Gradient lenses are another thing to consider. Some sunglasses may have varying intensities of colors on different parts of the lens or multiple colors entirely. This can change how parts of the sightline are affected. With driving, this could be advantageous.

Polarized Lenses
One of the most important things to look for when finding a pair of sunglasses for driving is polarized lenses. Polarized lenses are specially treated to reduce glare and improve vision. They will reduce glare off of glass and wet surfaces. This helps to avoid eye strain and keeps the eyes protected at all times. Virtually any lens can be polarized regardless of their color or tint level. Most high-quality sunglasses are polarized, making them very accessible and easy to find.

Special Lens Coatings
Many manufacturers coat their lenses to provide addition benefits. These coatings can be beneficial to your vision and to the overall durability of the sunglasses.

In addition to being polarized, manufacturers may also have their own anti-glare coating. This will further reduce glare, making the sunglasses an even better fit for driving.

Anti-reflective coatings are another great thing to look for. They ensure that any reflections from the polished lenses aren’t irritating on the eyes. Reflections can be just as dangerous as glare, as they affect visibility. This coating cuts down on reflections to make wearing the shades incredibly comfortable. They also have the added benefit of making the lenses water and grease-proof.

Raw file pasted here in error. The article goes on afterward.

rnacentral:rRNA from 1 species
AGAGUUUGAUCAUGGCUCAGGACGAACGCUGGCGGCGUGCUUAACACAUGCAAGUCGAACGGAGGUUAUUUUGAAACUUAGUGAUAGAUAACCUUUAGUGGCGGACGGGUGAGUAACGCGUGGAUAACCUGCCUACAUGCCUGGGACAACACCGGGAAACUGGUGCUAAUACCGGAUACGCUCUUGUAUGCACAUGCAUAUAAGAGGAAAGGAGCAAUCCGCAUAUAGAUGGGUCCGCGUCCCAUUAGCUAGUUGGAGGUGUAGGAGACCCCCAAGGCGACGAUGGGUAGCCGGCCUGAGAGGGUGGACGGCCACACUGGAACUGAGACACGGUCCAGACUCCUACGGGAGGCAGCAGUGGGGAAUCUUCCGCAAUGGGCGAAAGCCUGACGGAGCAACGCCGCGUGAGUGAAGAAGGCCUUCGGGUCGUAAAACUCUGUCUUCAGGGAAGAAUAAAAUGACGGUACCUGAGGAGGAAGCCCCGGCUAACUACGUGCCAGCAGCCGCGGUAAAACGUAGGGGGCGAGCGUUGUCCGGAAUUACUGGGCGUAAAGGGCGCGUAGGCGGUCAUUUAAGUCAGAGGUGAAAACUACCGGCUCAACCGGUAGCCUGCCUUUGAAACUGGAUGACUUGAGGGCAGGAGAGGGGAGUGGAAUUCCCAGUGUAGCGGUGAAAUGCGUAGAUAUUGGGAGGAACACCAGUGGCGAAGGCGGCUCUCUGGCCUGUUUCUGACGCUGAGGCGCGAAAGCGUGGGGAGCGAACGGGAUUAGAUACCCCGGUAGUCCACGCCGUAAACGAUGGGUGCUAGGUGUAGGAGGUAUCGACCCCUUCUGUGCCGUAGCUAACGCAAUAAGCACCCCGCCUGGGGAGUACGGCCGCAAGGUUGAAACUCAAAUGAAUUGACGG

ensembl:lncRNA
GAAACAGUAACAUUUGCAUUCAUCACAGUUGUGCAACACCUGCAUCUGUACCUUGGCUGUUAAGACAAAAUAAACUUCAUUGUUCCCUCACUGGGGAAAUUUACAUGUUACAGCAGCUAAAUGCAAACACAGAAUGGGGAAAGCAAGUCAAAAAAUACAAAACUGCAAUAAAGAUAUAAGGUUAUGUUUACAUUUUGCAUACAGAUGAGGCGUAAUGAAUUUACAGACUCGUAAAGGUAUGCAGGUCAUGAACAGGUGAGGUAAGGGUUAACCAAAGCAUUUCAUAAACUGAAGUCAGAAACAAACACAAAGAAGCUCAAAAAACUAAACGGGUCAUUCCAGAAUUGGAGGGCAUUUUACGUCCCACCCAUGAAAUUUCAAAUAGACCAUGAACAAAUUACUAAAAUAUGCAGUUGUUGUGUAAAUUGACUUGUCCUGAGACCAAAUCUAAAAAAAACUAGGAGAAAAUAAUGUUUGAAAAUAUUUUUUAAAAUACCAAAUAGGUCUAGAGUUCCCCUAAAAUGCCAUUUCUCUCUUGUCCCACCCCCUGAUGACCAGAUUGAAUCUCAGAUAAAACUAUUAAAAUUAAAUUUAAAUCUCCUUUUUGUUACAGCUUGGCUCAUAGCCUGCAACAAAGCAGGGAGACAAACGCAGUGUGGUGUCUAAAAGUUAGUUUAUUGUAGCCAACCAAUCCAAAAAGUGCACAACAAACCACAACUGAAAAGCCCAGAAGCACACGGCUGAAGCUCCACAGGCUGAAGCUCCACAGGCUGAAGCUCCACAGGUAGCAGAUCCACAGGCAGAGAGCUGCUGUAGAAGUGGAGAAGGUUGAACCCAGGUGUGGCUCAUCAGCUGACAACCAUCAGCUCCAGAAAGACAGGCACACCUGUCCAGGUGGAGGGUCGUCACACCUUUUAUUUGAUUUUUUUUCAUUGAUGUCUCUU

All in all, not every pair of sunglasses are suited for driving. Driving sunglasses need to have a number of features to ensure that they improve vision rather than hinder it. With the right pair of shades, guys can hit the road with confidence. These sunglasses will make the road easier to watch and make any obstacles and details easier to see. They do this all while making you look cool in the process.

NEVER HIDE Driving Lenses
THE NEVER HIDE DRIVING SUNGLASSES are versatile and great for many uses, such as driving, boating, or casual wear. They have many shape that provides great coverage over the eyes.

The curved lenses will fit snuggly on a variety of face shapes and reduce light leakage. Made with a TR90 or acetate, the sunglasses are built to last. The lenses are polarized, which reduces glare and enhances sharp features. Available in many colors, guys can choose a pair that fits their style.

Many of the lenses feature a gradient color effect, which is not only stylish, but can also manipulate vision in multiple ways based on the colors. The simple and light build make them a great pair of shades for driving. They’ll improve vision without getting in the way.

Driving Lens Description:

Lens Color Code : 09
Color : Yellow Green
Lens Material : 1.1 Polarized with AR Coat
Hydrohobic Coat : Yes
Light Transmission : 15.3%
UV Protections : 400 UV

Driving Lens Description:

Lens Color Code : 11
Color : Brown
Lens Material : 1.1 Polarized with AR Coat
Hydrohobic Coat : Yes
Light Transmission : 15%
UV Protections : 400 UV